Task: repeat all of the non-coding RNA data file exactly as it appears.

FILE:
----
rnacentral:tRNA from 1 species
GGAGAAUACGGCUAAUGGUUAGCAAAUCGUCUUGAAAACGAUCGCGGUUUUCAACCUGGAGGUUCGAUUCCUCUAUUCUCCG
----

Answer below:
rnacentral:tRNA from 1 species
GGAGAAUACGGCUAAUGGUUAGCAAAUCGUCUUGAAAACGAUCGCGGUUUUCAACCUGGAGGUUCGAUUCCUCUAUUCUCCG